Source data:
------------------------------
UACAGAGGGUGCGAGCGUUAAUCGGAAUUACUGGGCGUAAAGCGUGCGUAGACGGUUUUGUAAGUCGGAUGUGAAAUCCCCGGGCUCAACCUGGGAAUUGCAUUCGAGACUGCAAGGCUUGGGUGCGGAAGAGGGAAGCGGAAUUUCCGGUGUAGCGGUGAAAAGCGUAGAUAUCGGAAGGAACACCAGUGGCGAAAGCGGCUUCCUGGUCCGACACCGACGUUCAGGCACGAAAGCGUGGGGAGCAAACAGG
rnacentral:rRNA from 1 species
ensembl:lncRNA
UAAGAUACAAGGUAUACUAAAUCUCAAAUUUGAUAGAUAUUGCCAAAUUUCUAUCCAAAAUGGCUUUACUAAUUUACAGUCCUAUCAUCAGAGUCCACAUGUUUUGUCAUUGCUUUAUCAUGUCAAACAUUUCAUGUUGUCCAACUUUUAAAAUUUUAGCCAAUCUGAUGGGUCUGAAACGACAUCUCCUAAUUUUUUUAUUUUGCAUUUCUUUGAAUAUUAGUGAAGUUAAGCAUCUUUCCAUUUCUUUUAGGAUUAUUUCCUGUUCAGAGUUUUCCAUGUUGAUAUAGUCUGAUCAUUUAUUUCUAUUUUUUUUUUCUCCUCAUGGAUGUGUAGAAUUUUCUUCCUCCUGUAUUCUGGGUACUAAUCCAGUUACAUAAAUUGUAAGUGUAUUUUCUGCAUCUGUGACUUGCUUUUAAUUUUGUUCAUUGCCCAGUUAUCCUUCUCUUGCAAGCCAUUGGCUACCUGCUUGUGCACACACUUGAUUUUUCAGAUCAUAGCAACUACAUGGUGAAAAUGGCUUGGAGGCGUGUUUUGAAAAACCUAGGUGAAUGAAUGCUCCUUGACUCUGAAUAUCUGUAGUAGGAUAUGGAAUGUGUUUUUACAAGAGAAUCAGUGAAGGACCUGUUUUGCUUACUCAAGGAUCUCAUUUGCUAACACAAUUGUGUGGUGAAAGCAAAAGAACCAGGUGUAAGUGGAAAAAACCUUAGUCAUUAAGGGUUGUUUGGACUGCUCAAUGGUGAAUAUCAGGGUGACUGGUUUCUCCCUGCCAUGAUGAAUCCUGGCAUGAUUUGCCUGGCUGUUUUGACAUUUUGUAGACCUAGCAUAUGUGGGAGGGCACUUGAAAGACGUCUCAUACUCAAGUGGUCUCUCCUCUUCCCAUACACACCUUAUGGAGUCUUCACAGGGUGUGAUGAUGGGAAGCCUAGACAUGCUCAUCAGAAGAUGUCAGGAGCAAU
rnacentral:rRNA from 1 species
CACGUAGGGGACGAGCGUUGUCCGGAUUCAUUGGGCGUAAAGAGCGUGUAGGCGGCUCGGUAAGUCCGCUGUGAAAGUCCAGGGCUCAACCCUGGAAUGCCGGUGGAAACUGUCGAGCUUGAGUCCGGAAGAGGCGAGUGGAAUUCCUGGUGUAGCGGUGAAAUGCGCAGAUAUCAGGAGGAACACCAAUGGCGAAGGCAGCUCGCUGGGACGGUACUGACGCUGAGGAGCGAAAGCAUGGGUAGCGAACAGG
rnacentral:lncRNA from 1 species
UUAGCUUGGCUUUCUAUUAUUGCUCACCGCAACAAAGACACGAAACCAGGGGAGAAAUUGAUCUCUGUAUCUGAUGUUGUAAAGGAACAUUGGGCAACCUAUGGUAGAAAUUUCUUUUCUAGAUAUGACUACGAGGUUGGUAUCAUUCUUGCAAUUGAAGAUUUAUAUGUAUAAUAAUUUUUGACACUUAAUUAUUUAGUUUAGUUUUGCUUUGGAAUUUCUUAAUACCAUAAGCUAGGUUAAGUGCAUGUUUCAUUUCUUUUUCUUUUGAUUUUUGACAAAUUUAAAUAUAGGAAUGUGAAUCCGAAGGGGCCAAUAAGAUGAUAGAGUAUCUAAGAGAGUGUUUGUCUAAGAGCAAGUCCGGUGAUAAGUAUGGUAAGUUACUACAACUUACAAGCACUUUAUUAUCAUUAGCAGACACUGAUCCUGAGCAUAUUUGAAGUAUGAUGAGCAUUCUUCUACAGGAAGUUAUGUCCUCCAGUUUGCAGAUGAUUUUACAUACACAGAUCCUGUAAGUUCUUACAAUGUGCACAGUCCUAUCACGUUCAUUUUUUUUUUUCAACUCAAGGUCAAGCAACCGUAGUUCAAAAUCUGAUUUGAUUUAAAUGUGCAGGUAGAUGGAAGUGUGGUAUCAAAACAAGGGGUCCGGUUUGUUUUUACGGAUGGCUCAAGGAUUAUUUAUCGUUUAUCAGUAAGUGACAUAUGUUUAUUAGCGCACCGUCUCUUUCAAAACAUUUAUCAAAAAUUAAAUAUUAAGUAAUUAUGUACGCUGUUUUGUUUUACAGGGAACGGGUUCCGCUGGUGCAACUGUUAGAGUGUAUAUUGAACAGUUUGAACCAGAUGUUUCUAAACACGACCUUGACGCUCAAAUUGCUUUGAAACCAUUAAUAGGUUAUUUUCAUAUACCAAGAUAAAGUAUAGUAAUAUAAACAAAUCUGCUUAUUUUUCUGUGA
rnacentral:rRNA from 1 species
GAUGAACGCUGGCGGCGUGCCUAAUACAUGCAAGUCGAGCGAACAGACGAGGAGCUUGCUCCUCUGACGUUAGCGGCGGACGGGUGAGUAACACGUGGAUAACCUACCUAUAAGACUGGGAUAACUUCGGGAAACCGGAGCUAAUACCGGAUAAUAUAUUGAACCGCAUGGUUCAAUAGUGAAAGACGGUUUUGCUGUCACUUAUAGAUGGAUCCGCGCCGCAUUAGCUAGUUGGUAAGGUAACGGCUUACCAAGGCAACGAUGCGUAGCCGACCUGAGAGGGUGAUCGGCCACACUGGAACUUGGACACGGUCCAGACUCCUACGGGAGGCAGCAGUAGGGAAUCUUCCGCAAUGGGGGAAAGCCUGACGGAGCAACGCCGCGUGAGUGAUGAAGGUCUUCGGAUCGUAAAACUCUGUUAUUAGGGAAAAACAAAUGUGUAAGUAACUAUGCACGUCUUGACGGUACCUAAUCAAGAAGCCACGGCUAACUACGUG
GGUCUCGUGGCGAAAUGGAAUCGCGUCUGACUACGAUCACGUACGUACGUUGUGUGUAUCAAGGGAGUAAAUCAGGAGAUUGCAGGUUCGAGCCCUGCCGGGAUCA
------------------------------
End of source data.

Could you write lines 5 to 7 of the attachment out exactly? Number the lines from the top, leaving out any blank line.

rnacentral:rRNA from 1 species
CACGUAGGGGACGAGCGUUGUCCGGAUUCAUUGGGCGUAAAGAGCGUGUAGGCGGCUCGGUAAGUCCGCUGUGAAAGUCCAGGGCUCAACCCUGGAAUGCCGGUGGAAACUGUCGAGCUUGAGUCCGGAAGAGGCGAGUGGAAUUCCUGGUGUAGCGGUGAAAUGCGCAGAUAUCAGGAGGAACACCAAUGGCGAAGGCAGCUCGCUGGGACGGUACUGACGCUGAGGAGCGAAAGCAUGGGUAGCGAACAGG
rnacentral:lncRNA from 1 species